Industry-level regulatory crackdowns in China and efforts to quash corruption are notoriously hard on investors, but over time, those clampdowns can pay off.
That could prove to be the case in China’s fast-growing healthcare sector. Long an epicenter of corruption, Chinese officials are doing something about that situation. Corresponding positive changes could be to the benefit of exchange traded funds such as the KraneShares MSCI All China Health Care ETF (KURE ).
KURE is off 18.65% year-to-date with the bulk of those losses attributable to a recently announced crackdown on Chinese healthcare companies. So punitive was that move that Chinese healthcare equities shed a combined $27.9 billion in market value on August 7 alone. To its credit, KURE has traded modestly higher over the past 90 days, suggesting market participants are moving past the healthcare corruption crackdown or even embracing it.
Corruption Cure Could Help KURE
Beijing’s efforts to stem graft in the healthcare space are arguably essential and could prove beneficial to KURE holdings.
“Medical corruption has long stood as a prime grievance in China. This becomes particularly intriguing considering the history of disclosed hospital corruption cases. According to a study published in China Healthcare Management, corruption cases in public hospitals reached their zenith in 2017 and have been on a decline since 2020,” noted the Council on Foreign Relations.
For investors weighing KURE’s potential against the specter of regulatory issues, it’s worth noting the latter could be accretive to the former. After all, corruption, regardless of industry or sector, can be a drag on growth because it involves an individual or small number of parties prioritizing self-interest.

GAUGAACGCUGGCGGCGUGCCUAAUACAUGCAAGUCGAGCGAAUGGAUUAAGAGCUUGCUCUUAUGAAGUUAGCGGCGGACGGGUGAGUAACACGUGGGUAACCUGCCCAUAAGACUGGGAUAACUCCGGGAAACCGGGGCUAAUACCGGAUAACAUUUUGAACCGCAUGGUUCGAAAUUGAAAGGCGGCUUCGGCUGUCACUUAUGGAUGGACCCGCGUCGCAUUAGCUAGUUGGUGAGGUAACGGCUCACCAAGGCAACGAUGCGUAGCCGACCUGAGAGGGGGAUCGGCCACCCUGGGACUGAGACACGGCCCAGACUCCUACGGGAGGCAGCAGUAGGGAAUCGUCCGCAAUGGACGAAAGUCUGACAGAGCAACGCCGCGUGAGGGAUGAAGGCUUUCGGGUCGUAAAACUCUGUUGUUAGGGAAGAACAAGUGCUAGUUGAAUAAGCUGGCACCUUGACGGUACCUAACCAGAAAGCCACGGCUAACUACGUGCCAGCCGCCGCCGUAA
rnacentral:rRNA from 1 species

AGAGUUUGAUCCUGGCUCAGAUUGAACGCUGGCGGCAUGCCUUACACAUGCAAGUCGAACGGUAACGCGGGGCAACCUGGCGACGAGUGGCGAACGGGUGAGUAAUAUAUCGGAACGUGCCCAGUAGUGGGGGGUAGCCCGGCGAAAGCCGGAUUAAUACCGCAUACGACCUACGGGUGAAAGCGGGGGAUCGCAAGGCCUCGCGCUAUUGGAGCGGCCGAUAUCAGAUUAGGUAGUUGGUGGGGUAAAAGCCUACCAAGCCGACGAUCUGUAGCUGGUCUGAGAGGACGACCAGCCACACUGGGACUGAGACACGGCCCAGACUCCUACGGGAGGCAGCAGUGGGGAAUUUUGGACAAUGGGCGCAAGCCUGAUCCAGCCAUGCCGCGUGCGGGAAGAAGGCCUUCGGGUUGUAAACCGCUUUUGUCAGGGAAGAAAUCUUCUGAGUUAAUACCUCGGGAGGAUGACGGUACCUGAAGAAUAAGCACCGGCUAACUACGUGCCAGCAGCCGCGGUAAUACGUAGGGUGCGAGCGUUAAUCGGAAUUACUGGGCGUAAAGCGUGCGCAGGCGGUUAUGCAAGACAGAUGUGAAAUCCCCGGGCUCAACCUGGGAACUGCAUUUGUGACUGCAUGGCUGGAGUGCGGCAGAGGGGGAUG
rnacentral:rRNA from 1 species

Specific to KURE, the growth story is compelling. China’s population is aging rapidly and its healthcare sector is growing at a faster pace than what’s seen in large developed markets. Additionally, Beijing is spending big on healthcare with 2022 expenditures on that front reaching $975 billion. The Chinese government is apt to continue or increase that pace because it wants consumers to spend on discretionary items and housing.
There’s also widespread support among Chinese provinces for the healthcare corruption crackdown, indicating that subsequent clarity could be a long-term boon for KURE.
“The campaign has the potential to significantly advance China’s healthcare reform. By breaking the corruption chain and ousting unscrupulous players, it could not only make healthcare more affordable but also pave the way for future overhauls in health insurance payment methods and doctors’ compensation,” according to the Council on Foreign Relations.
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